BWG: We always manage to meet at Liberty States Fiction Writers functions. Are you a member of any other writing organizations; do you recommend writers join a local writing group and why?
SW: I am also a member of the Society of Children’s Books Writers and Illustrators (SCBWI) and the International Thriller Writers. I think writers should find a local writing group to join. It doesn’t have to be in their genre, but that helps. It’s important to network with other writers. We spend so much time in front of our computers it’s nice to get out and meet other people who are experiencing the same struggles and joys we are. No one understands a writer better than another writer. Plus, being in an organization gives a writer access to workshops on the craft of writing and networking opportunities. It’s a great way to pitch to an agent or editor if the writer wants to publish in the traditional route.
BWG: What else do you enjoy besides putting words to paper?
SW: The obvious is spending time with my family, but I practice yoga which keeps me nice and then my family wants to spend time with me! I also enjoy baking and that really gets my family to spend time with me. I’m sneaky like that.
BWG: Your website (http://staceywilk.com/) shares some fun stories about growing up in an Italian family with much tradition. Are your middle-grade characters influenced by your upbringing, and how?
SW: Well, I suppose my characters are influenced by my upbringing, but I better not say how because then my mother will pass the evil eye on me.
BWG: Whenever I’m helping writers to reach an “Ah ha” moment, it also inspires me. You teach writing workshops at schools and in the community. How has the experience shaped your creative energy?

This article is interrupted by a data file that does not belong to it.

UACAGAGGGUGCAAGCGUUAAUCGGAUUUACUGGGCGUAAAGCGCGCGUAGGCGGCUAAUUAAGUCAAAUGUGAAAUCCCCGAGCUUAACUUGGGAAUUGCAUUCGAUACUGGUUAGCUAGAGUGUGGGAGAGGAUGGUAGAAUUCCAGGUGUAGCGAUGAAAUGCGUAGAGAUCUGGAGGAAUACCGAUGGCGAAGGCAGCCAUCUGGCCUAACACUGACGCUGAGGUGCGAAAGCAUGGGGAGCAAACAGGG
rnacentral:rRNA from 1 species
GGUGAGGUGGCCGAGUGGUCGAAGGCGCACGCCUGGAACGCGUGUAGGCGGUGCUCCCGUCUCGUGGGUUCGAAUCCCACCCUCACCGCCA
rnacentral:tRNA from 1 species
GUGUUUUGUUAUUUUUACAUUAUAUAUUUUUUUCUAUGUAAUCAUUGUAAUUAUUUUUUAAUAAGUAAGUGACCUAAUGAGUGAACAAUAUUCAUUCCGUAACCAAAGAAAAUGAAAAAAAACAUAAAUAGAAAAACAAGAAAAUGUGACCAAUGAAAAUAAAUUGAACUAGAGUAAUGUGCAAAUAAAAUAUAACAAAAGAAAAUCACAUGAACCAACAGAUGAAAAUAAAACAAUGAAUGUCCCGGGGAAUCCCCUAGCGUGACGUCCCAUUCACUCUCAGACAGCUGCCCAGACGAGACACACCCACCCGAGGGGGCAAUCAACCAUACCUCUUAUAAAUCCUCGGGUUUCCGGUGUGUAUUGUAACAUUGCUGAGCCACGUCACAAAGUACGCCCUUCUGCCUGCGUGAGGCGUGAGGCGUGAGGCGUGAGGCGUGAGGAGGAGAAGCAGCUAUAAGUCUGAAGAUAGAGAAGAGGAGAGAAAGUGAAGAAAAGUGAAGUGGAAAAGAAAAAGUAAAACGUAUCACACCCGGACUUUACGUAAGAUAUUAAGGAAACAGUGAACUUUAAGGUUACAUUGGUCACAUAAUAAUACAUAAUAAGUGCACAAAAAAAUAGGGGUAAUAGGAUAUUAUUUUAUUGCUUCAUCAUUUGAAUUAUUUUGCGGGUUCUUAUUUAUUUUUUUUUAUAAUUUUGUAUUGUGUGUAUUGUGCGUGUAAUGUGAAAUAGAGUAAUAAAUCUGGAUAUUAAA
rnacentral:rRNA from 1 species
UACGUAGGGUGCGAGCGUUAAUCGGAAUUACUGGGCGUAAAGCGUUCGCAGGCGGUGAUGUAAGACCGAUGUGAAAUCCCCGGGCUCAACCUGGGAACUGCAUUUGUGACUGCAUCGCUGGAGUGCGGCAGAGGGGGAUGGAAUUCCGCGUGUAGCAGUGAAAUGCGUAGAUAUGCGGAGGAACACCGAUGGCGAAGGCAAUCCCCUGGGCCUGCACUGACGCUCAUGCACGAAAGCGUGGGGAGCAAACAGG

SW: Nothing gets me more excited about what I do as when a student tells me after a workshop I inspired them to write or when a seventh grader comes up to me with a sparkle in her eye and says she wants to be an author when she grows up. I was that seventh grader. I am blessed to be living my dream and I want these students, and writers of all ages, to believe in their dreams too. Helping them see they can make it happen inspires me to keep writing.
BWG: What genre do you prefer reading, and who is your favorite author?
SW: My favorite genres are thrillers, I love the pacing and of course I enjoy reading MG/YA fantasy. I have lots of favorite authors, but my top three might have to be Daphne Du Maurier, C.S. Lewis, and Stephen King.
BWG: Book Two in the Gabriel Hunter Series, Welcome to Bibliotheca, publishes later this year. Can you tell us a bit about this next novel?
SW: Gabriel and his friends, Owen and Corinna, journey into a stark, wintry land. They’re forced to fight evil by navigating a magical labyrinth filled with dangerous puzzles. The question becomes will they solve the puzzles in time or be lost in this frozen world forever? I expect publication to be in early April.
BWG: Is there anything else you would like the readers to know that we have not touched on?
SW: Gabriel and his friends will be returning in a third book due out at the end of this year. Right now, the series is planned as a trilogy, but we’ll see if Gabriel has other adventures he might want to go on. It is best to read the books in order, but you don’t have to. I love to hear from readers and writers so they can stop by my website and say hello at www.staceywilk.com Thanks, Diane, for letting me chat with you. It was a real pleasure.